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The Tohoku Journal of Experimental Medicine
Vol. 171 (1993) No. 4 P 339-348

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http://doi.org/10.1620/tjem.171.339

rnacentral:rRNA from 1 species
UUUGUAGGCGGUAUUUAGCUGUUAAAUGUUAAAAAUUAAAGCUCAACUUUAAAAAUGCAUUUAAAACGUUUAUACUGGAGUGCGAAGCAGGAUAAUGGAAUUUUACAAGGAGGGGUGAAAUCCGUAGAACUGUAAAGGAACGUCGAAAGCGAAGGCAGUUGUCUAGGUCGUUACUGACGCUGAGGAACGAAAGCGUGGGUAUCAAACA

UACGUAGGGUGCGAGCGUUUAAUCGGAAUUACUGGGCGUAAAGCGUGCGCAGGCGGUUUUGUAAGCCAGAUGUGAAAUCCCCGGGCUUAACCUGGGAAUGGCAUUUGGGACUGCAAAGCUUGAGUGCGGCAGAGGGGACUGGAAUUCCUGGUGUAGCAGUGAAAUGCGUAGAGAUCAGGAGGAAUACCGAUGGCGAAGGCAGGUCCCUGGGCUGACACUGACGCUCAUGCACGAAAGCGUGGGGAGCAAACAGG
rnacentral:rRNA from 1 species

TSUBONO, Y., FUKAO, A. and HISAMICHI, S. Health Practices and Mortality in a Rural Japanese Population. Tohoku J. Exp. Med., 1993, 171(4), 339-348-Association of personal health practices with mortality from all causes was studied. In 1988, 4, 318 residents aged 40 years and over in a rural town of Miyagi Prefecture, north-eastern part of Japan, completed a self-administered questionnaire including items on smoking, alcohol consumption, physical activity, sleeping patterns, and weight status. During the four year follow-up, 207 subjects had died. Relative risks (95 percent confidence intervals) of death from all causes adjusted for age, sex, and other confounding variables were 0.62 (0.39-0.98) for never smoking, 0.51(0.34-0.78) for no or moderate alcohol consumption, 0.66 (0.42-1.04) for exercising physical activity, 0.78 (0.56-1.10) for 7-8 hours of sleep, and 0.75 (0.52-1.07) for not being underweight. Compared with performing only 0-1 of the five low-risk practices concerning the items mentioned above, relative risks (95 percent confidence intervals) of all-cause mortality for performing 3, or all 5 practices were, 0.49 (0.30-0.80) and 0.14 (0.03-0.61), respectively (trend p= 0.0001). The results remained unchanged even after excluding early death occurring within the first year of the follow-up, or excluding the subjects with past history of diseases. Further research is required to explore the combined effects of the practices on mortality for longer observational period.

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